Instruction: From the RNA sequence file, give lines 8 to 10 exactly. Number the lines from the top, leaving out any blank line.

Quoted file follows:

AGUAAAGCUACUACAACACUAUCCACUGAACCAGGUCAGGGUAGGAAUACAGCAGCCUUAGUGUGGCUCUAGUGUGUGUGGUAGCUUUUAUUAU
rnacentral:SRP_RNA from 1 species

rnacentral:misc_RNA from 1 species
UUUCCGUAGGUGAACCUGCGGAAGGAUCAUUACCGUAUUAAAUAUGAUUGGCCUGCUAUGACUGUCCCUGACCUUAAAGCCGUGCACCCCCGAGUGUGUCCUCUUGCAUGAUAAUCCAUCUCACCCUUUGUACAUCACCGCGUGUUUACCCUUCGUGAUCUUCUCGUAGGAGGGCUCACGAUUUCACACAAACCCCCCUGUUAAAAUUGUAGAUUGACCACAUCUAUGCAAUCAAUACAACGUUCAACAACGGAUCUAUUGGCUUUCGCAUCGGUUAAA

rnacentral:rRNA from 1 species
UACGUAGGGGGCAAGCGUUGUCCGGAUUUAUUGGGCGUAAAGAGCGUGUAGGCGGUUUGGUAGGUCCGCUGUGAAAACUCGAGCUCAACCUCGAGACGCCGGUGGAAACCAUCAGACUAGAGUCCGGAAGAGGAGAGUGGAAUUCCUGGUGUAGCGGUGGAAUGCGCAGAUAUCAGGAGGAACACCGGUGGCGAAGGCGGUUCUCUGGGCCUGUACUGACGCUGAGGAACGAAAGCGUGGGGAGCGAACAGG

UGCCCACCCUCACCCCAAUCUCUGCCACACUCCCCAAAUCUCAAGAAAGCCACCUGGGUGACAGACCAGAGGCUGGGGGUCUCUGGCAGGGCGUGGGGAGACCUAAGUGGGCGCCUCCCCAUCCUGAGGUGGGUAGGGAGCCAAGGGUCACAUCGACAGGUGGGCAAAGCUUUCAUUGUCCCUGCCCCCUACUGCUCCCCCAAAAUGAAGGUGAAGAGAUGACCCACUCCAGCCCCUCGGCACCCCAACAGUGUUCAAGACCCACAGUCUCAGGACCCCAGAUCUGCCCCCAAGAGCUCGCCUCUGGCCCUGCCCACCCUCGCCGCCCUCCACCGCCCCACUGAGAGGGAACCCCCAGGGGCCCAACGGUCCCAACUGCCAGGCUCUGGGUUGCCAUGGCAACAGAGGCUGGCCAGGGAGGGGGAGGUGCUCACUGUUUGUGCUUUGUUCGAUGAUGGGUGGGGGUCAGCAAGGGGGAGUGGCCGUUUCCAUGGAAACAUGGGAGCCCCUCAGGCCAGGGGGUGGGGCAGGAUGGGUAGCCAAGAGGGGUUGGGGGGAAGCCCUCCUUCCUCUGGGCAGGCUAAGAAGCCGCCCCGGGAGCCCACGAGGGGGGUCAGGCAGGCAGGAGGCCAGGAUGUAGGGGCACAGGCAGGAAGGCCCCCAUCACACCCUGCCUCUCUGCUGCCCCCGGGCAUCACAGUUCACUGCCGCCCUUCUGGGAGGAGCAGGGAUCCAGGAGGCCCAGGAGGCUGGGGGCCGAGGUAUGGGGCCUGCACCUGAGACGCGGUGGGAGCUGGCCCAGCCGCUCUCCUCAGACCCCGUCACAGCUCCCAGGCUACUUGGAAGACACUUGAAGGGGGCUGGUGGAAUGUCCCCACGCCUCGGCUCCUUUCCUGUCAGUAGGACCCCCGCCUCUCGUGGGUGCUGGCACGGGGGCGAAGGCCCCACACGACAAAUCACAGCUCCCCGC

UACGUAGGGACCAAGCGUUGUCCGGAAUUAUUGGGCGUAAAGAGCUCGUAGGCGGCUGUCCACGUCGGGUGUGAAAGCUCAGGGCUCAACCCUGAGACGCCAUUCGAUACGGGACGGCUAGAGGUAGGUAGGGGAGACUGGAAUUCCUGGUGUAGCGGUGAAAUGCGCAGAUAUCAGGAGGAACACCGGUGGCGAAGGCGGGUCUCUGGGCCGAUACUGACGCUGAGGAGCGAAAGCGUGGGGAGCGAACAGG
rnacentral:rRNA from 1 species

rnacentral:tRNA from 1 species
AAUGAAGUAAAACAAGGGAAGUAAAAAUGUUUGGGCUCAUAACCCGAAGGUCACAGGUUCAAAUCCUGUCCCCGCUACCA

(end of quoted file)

UACGUAGGGACCAAGCGUUGUCCGGAAUUAUUGGGCGUAAAGAGCUCGUAGGCGGCUGUCCACGUCGGGUGUGAAAGCUCAGGGCUCAACCCUGAGACGCCAUUCGAUACGGGACGGCUAGAGGUAGGUAGGGGAGACUGGAAUUCCUGGUGUAGCGGUGAAAUGCGCAGAUAUCAGGAGGAACACCGGUGGCGAAGGCGGGUCUCUGGGCCGAUACUGACGCUGAGGAGCGAAAGCGUGGGGAGCGAACAGG
rnacentral:rRNA from 1 species

rnacentral:tRNA from 1 species